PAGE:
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No matter how many jobs you're working, children you're raising, relationships you're juggling, or nations to which you're feigning allegiance in a grand effort to undermine the global economy, there's always time to add a new television show to your roster. Or, say, 30. Luckily for all the workaholics, doting parents, love-seekers, and double agents out there, E! has got a brand new slate of programs and specials on the way to distract you from your doubtlessly failing life expeditions.
Among the notable entries among E!'s six upcoming series, 10 upcoming specials, and 17 projects in developmental stages are a reality show about the band members of The Wanted, an in-depth look at the life of 50 Cent, and an expedition led by multihyphenate Nick Cannon to give his grandparents a home makeover.
Check out E!'s complete list of new and developing shows and specials below:
The Wanted Life — Sunday, June 2 at 10:30 PM ET/PT (moves to regular timeslot starting Sunday, June 9 at 10:00 PM ET/PT)This new half-hour series will chronicle the personal and professional lives of the edgy pop music powerhouse, The Wanted, who has already taken the world by storm. Viewers will see an unfiltered look inside the world of the chart-topping UK pop band as they head to sunny California to record their third album, gear up for their new US & Europe tour later in 2013 and solidify their top ranking on American pop music charts, along with their surprising dynamics and interpersonal relationships. Produced by Ryan Seacrest Productions, Scooter Braun Projects and Global Talent TV.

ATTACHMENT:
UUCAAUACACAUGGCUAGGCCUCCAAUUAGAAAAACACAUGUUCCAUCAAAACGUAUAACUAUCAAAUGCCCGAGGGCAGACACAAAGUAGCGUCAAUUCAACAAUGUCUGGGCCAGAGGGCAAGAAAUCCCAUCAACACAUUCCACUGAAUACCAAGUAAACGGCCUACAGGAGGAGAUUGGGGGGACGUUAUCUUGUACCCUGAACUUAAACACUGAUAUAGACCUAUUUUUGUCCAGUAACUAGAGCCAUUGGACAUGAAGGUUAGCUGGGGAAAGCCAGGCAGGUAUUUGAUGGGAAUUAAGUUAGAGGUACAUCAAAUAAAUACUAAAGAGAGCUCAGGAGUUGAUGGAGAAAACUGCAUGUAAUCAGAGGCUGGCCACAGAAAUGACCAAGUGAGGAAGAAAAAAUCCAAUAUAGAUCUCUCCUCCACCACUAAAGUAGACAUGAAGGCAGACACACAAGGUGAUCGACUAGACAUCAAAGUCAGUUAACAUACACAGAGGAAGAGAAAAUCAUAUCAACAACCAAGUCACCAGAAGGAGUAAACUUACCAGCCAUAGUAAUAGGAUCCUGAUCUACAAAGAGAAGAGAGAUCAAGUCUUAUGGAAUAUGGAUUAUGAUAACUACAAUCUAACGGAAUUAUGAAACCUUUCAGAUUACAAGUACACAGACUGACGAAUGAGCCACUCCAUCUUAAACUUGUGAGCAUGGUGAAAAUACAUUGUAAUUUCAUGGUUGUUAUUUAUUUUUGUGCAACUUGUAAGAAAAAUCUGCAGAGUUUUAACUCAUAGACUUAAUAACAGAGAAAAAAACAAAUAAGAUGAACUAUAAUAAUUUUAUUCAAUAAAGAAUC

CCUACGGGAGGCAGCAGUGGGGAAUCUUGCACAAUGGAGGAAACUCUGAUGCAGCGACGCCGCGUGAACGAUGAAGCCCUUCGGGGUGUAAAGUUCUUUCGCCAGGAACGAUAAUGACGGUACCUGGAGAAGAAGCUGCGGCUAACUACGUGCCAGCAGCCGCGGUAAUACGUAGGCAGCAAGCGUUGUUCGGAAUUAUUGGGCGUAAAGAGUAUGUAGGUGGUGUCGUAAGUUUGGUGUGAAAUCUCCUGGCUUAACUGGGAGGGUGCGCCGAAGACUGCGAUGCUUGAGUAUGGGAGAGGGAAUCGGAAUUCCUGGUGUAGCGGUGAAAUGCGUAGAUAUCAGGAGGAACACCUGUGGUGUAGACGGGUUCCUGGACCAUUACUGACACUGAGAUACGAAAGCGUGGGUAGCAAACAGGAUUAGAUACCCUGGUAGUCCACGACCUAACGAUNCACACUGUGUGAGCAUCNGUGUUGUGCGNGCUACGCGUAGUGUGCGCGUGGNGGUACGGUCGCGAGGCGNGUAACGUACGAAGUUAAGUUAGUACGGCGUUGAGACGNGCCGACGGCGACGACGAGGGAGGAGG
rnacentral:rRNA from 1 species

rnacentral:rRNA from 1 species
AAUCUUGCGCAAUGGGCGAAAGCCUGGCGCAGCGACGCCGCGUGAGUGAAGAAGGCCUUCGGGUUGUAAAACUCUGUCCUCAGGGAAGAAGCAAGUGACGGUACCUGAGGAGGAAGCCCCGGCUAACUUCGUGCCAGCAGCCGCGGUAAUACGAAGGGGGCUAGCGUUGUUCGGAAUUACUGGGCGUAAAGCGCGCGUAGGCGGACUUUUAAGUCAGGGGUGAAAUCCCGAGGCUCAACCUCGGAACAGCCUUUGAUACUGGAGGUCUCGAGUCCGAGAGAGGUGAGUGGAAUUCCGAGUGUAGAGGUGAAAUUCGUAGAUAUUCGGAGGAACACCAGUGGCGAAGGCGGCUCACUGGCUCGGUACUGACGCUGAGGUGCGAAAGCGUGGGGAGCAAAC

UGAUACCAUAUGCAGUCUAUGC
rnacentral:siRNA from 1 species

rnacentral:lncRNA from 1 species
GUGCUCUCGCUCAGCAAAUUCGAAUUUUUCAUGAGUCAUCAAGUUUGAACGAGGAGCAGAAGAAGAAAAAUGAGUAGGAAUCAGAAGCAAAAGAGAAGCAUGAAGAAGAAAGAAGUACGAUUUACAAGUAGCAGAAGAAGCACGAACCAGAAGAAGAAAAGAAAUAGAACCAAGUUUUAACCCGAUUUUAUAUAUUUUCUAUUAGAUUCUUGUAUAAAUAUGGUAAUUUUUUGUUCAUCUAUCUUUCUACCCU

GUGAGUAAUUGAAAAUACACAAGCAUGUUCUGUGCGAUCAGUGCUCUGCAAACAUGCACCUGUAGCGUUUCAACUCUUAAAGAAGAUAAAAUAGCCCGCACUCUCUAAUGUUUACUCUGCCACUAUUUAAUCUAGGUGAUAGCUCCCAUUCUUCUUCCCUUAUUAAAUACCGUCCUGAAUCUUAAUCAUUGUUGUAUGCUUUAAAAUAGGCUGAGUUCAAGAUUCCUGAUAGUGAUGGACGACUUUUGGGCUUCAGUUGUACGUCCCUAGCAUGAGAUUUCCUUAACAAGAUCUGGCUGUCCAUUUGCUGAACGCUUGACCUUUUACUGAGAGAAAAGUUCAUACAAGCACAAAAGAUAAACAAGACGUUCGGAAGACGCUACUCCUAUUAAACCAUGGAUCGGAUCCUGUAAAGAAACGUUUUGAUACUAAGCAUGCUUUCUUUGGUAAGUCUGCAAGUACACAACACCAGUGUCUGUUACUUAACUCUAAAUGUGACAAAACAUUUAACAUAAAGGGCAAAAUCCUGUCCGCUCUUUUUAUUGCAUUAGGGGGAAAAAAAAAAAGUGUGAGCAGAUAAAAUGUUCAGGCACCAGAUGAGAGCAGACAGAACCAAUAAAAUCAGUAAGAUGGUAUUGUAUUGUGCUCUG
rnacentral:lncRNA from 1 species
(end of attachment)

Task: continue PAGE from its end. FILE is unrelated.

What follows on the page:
Total Divas — Sunday, July 28 at 10:00 PM ET/PTRevealing the real women behind the WWE Divas for the first time, this new one-hour series proves that the drama is even bigger when the sexy superstars step outside the ring. “Total Divas” goes inside the personal lives of these glitzy, glamorous celebrities who entertain sold-out crowds in arenas around the world and are adored by millions of fans. “Total Divas” is produced by WWE and Bunim-Murray Productions. Jon Murray, Gil Goldshein, Jeff Jenkins and Russell Jay are Executive Producers for Bunim-Murray Productions.
Pop Innovators — July 2013This new series showcases the most influential names in pop culture in their own words. We love them for what they bring to our world, and how they have helped define pop culture and captured the collective zeitgeist. These are the people who, as leaders in their respective fields, have taken their fame and gone in new directions to become influencers across a wide range of topics, and who inspire others to do the same. The first episode of “Pop Innovators” will offer an in-depth look at the life and career of Will.i.am from his point of view and will also feature interviews with other celebrities that he’s influenced most.